To steal a line I just learned from the American Reform Rabbi, Rick Block, right now we are in a very meaningful time in the Jewish calendar, which I think can relate to each of our own lives – the Counting of the Omer.
At first blush, this yearly ritual may sound a bit esoteric : the verbal counting of the 49 days between Pesach, which we just recently celebrated, and the festival of Shavuot, which will be in the first week of June this year. But here is some of what it might mean to us.
On Pesach, we are all obligated to see ourselves as having personally gone out of Egypt, from slavery to freedom. After a trek through the wilderness, on Shavuot, we the Jewish people receive the Torah at Mount Sinai – and the obligation to keep it, which comes with that. Sefirat ha-Omer, the counting of the 49 days between this one event and the next, is supposed to spiritually link the two, to prepare us from coming from Egypt to Sinai.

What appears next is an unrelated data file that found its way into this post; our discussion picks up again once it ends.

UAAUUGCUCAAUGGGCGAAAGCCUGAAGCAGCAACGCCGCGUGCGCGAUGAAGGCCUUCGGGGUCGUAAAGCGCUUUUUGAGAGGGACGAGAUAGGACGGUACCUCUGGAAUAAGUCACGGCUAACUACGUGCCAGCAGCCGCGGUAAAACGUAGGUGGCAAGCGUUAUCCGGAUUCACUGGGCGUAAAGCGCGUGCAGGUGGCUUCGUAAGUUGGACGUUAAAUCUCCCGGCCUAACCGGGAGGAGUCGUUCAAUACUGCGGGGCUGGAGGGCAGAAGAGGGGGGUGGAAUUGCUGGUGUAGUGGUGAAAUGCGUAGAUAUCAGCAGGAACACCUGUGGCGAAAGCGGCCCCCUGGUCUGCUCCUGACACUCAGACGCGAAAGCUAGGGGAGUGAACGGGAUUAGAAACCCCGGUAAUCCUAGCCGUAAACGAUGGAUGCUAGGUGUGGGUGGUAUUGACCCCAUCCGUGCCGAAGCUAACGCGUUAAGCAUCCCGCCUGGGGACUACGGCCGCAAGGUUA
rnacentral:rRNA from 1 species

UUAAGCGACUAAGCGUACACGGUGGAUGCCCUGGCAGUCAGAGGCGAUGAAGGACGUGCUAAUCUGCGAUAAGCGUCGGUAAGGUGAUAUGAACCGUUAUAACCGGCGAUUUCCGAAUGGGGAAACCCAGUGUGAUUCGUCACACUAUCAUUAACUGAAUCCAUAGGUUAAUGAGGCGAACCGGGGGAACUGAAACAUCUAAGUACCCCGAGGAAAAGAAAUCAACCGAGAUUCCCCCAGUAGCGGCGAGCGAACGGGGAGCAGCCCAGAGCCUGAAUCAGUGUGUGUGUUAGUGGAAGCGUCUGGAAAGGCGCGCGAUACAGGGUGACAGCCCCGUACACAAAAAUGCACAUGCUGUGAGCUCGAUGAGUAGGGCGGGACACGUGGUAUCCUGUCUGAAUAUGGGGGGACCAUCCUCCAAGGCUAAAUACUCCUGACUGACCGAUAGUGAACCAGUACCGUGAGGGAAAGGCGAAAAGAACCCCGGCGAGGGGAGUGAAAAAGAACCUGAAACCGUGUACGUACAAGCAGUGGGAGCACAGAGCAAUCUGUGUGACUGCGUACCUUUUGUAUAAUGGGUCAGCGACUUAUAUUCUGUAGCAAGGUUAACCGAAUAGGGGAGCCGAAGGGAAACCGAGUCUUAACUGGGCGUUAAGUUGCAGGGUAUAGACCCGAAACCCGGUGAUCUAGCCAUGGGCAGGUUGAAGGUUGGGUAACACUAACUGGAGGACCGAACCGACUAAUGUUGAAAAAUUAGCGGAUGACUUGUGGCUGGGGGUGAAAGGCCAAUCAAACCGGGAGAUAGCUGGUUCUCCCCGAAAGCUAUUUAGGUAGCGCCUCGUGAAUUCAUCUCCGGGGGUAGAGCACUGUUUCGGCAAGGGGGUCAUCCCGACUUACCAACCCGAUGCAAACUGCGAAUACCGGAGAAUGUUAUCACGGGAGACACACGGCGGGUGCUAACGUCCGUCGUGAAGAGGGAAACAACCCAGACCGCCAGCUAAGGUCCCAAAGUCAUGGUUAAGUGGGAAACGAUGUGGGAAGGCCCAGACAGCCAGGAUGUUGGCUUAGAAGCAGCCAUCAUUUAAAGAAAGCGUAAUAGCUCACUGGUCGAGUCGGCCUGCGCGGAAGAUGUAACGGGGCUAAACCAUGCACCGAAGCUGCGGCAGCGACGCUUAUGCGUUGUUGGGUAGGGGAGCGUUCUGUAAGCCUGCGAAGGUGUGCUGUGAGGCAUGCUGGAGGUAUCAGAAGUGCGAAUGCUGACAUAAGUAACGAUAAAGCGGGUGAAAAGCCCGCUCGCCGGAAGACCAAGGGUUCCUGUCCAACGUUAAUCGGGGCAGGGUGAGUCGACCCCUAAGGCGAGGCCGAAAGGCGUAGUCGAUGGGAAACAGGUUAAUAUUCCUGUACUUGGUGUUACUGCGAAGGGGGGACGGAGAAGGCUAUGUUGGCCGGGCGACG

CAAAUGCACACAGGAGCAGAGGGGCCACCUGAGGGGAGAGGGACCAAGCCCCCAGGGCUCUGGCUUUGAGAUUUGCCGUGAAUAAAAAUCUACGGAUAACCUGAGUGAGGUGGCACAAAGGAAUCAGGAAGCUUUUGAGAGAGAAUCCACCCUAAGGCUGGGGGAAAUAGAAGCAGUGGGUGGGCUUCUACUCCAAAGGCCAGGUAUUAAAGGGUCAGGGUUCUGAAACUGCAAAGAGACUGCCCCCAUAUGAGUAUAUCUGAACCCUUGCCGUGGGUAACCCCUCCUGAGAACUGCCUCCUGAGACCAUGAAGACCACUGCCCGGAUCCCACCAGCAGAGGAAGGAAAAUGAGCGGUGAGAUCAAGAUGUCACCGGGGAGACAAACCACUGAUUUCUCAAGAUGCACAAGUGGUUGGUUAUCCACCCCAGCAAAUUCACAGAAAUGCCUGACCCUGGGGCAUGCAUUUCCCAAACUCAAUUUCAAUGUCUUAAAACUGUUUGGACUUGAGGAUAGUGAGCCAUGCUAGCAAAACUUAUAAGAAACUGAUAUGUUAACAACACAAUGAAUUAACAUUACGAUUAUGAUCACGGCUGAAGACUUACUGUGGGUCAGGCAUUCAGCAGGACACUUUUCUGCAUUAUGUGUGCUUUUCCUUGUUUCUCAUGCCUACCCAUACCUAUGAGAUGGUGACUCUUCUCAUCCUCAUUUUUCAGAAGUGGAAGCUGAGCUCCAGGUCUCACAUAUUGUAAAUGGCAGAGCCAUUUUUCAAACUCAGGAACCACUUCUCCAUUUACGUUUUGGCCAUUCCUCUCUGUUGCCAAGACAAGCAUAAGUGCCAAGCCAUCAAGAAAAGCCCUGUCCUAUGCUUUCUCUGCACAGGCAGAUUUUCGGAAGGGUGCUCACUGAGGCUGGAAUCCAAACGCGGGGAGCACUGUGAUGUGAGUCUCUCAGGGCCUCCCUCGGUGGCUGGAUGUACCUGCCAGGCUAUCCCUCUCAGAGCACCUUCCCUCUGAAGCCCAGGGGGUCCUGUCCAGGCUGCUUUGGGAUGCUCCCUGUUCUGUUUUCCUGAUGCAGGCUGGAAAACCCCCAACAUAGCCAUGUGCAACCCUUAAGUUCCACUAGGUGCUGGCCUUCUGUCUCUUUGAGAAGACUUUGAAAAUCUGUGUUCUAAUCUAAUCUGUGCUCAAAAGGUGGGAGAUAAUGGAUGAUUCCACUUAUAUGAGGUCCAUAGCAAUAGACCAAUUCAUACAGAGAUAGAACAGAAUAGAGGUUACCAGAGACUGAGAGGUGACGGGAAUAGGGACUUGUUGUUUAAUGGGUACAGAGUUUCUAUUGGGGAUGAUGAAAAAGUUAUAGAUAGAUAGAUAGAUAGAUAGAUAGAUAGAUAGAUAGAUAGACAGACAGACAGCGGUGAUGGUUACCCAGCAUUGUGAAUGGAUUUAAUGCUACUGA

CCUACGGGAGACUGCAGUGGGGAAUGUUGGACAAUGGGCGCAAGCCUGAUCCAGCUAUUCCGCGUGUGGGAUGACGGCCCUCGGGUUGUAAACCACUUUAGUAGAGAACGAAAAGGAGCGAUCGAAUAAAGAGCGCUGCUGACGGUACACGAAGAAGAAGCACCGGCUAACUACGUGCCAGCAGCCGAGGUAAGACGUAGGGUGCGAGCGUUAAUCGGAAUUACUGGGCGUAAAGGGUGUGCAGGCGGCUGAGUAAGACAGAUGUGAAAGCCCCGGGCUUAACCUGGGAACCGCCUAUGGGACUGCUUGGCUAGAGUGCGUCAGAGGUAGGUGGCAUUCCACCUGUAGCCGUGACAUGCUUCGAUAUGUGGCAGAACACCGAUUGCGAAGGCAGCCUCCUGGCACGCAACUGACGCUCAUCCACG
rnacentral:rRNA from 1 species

In other words, Pesach is the festival of Freedom, and Shavuot, the receiving of the Torah, is the festival of Obligation. The Counting of the Omer is the bridge or journey between these two poles – Freedom and Obligation.
We live in the tension between these two in our own lives. If we lived lives of all freedom, without commitments, we would not be able to create communities, care for one another; life would be chaos. If we lived lives of all obligation, we would live in a totalitarian world.
So Judaism, especially at this time of Omer, asks us to reflect and to choose – to live lives of both commitment and free choice, both to care for our society, our religious community, our families, our friends and to make individual and free choices for ourselves.
May you have a reflective Sefirat Ha-Omer,